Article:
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October is Pregnancy Loss Awareness Month.  In some ways, it seems like a strange month to choose.  In October, we are often focused on the harvest.  We have harvest-themed door wreaths and table decorations.  We enjoy a taste of the harvest ourselves – picking apples and pumpkins.  This is a time we celebrate abundance, and yet this is also the month when we honor when abundance is taken away.

As a child, I knew very little about pregnancy loss.  I had an aunt who sometimes referred to infant she lost by name, but no one besides her talked about it much, and the subject was so hushed and confusing that I never asked many questions.  As a chaplain, I experienced my first pregnancy loss with a patient.  A whole new world of darkness invaded what had developed in my mind as a world of joy.  I was at the age that my friends were starting to have babies.  But no one had ever talked to me about the dark side of pregnancy.  The darkness still felt very “other.”

Finally, a dear friend – one with whom I had shared many confidences – lost her pregnancy.  We lived far away, but I had just seen her pregnant belly at a reunion of friends for the weekend.  We had laughed and shared dreams about the child.  It had been a weekend of light.  And suddenly, that weekend was washed away with darkness.  We all rallied, sending flowers, meals, and cards.  We prayed and we cried.  And we listened.  My friend was very good about being vocal and honest about her pain.  We journeyed with her through the darkness.

During our mourning period, I shared with a few coworkers about my grief.  Slowly, the stories poured out.  Of pregnancies lost, of an infant loss, and even of the grief of trying to get pregnant.  No longer could I go on pretended that the world of pregnancy and babies was all roses and sunshine.  There is a darkness, a fear, and an uncertainty that haunts every pregnancy.  Most of the time those fears are unrealized, but unfortunately, not always.  And sometimes that darkness crashes down on those who never even realized the darkness was lurking.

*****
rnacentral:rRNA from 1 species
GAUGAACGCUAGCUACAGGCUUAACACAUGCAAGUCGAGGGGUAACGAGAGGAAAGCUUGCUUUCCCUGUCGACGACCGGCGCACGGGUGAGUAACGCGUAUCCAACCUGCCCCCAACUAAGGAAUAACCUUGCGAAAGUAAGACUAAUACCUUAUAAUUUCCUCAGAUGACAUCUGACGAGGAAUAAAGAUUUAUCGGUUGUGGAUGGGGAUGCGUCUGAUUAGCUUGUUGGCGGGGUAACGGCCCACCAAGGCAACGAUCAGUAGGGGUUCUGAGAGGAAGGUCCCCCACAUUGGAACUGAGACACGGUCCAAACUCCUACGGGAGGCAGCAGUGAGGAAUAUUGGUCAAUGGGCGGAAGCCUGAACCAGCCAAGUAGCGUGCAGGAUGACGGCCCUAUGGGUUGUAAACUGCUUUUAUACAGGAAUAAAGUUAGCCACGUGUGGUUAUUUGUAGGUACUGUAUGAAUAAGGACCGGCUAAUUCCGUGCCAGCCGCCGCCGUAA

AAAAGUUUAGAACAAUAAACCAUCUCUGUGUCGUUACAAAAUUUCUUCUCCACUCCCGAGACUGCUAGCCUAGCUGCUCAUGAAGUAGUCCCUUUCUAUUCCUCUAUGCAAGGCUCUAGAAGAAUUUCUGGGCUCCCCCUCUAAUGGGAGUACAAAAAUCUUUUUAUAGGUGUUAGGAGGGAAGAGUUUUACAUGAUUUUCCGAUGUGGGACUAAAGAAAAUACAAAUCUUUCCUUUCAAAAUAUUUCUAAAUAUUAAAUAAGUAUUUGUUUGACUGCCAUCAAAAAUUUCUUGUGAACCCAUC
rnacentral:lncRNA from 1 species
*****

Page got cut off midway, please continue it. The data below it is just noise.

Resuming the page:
We don’t talk about pregnancy loss much in church.  We have a liturgy for blessing a pregnancy.  We have a liturgy for giving thanks for a healthy birth.  And we have a liturgy for an infant baptism.  But the liturgies for infant loss are scattered and hard to find.  They are modified versions of other liturgies, often unauthorized by a liturgical committee.  They are like the darkened corner room of the maternity ward where they try to hide away the mom who has to deliver her stillborn.

Today, I want you to know that I am willing to talk about pregnancy and infant loss.  As a priest in the Church, I am willing to journey with you through the darkness – even if that darkness has been lingering for twenty years or more.  Or if you are trying to get pregnant, or even if you are pregnant and are afraid of the darkness – I am here.  You are not alone.  I will stand in the darkness with you – for however long you need.  And for those of you who are just now becoming aware of this issue and want to be supportive, I recommend this video.  You will find great resources on the website, as well as a link to an amazing book of devotions.  Join me in being the Church – a Church willing to sit in the darkness until we can find the light again together.

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